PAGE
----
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Small time commitment

Since this program won't make you hurt or tire you out, the only other excuse to skip it is the time it takes. Now 15 minutes a day isn't much time, even if you ignore the time you gain by not dropping dead prematurely. But the effective bite out of your day can be reduced even further. More than half your exercise time is spent in the run and jump exercise, especially after you advance to the middle rungs of the Lifetime Ladder. I've found that, with a little practice, I have no trouble keeping count of the 75 steps and 10 jumping jacks while letting my mind free-run on whatever I'm interested in at the moment. In fact, in the couple of years I've been following this program, I've had some of my very best ideas while doing the running and jumping exercises. I don't know whether it has something to do with getting the circulation going, or just with being forced to think for five minutes or so, but it happens. (It is hard to keep track of the number of sets of running and jumping at the same time. That's why I recommend using coins or other markers to keep count, freeing your mind for more interesting pursuits.)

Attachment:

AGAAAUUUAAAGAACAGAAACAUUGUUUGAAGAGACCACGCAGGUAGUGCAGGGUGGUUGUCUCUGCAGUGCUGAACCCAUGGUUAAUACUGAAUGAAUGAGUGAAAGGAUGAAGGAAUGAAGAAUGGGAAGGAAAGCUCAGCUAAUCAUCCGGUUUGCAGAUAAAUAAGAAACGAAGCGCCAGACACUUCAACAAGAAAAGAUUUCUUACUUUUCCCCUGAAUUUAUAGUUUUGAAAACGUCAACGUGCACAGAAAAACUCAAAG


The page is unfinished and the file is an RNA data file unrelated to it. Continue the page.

Further, the time required remains pretty much the same as you progress from rung to rung. Since each rung calls for more repetitions of each exercise this might not seem to make sense, but as your conditioning improves you'll find you're performing the exercises at a brisker pace, keeping the total time roughly constant. If one exercise seems to take forever to get through, that's an indication you've moved up to that rung too quickly.

By John Walker